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Pilot program boost for less-popular schools - April 26, 2019

上海128所公办初中强校工程实验校人气明显提升

A total of 128 less-popular public middle schools in Shanghai have been selected for a pilot program to improve the quality of education and attract more students and parents, the city’s education commission said on Wednesday.

The program, announced in July last year, is part of the city’s efforts to ease parents’ craze for private schools.

Each school has been given a renowned principal, two veteran teachers and three guidance experts to spearhead three years of improvement. At least 5 percent of their teachers are from the city’s fourth “seed plan” to cultivate renowned principals and teachers.

Each school has analyzed its advantages and disadvantages, especially problems that have restrained development, and worked out key reform measures.

The commission organized 22 experts to assess their three-year plans. All were approved and are now being carried out.

One of the practices to further facilitate their development is to connect them with extremely prestigious principals in the city.

The principals are asked to teach at least twice a year in the less-popular middle schools and arrange “internships” in their own schools for principals and teachers from the less-popular schools.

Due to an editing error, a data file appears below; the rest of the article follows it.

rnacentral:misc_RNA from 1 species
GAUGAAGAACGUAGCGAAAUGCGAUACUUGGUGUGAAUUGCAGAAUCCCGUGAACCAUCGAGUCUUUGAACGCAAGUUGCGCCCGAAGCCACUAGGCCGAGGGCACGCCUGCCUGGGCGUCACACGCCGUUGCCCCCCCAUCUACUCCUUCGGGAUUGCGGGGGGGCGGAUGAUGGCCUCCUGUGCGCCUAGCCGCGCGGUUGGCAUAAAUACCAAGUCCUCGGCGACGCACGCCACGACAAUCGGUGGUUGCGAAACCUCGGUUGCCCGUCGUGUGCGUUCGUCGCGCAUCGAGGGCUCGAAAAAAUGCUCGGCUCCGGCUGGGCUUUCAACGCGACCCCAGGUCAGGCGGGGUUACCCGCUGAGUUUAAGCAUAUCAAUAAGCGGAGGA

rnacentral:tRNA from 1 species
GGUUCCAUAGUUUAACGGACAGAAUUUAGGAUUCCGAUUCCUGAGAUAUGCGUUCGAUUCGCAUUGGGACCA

Wang Yang, principal of Caoyang No. 2 High School in Putuo District, spends at least half his time at Xinglong Middle School, hosting or participating in meetings for leaders, administrators, faculty and students, and organizing successful teachers from the high school to observe and guide teaching in the middle school.

“With such deep involvement in the school operation, we can add what we want to students’ learning. We can not only help middle schools improve education quality, but also cultivate the students’ capabilities that are demanded by high schools,” he said.

The less-popular middle schools are also being paired with prestigious high schools and middle schools to share educational resources.

For example, Gezhi High School in Huangpu District has opened its online courses to students at Yingchangqi School and involves them in social practice activities, such as an investigative study program in Dabie Mountain in Anhui Province which requires Shanghai students to experience and research rural life.

Yao Xiaohong, director of the education bureau in Huangpu, said such practices can better prepare middle school students for their high school studies.

“Meanwhile, teachers in the middle schools are also invited to observe how high school teachers are teaching classes and even have opportunities to teach high school students for some time,” she said. “It enables them to redesign their teaching in middle school and help their students get prepared for high school study well.”


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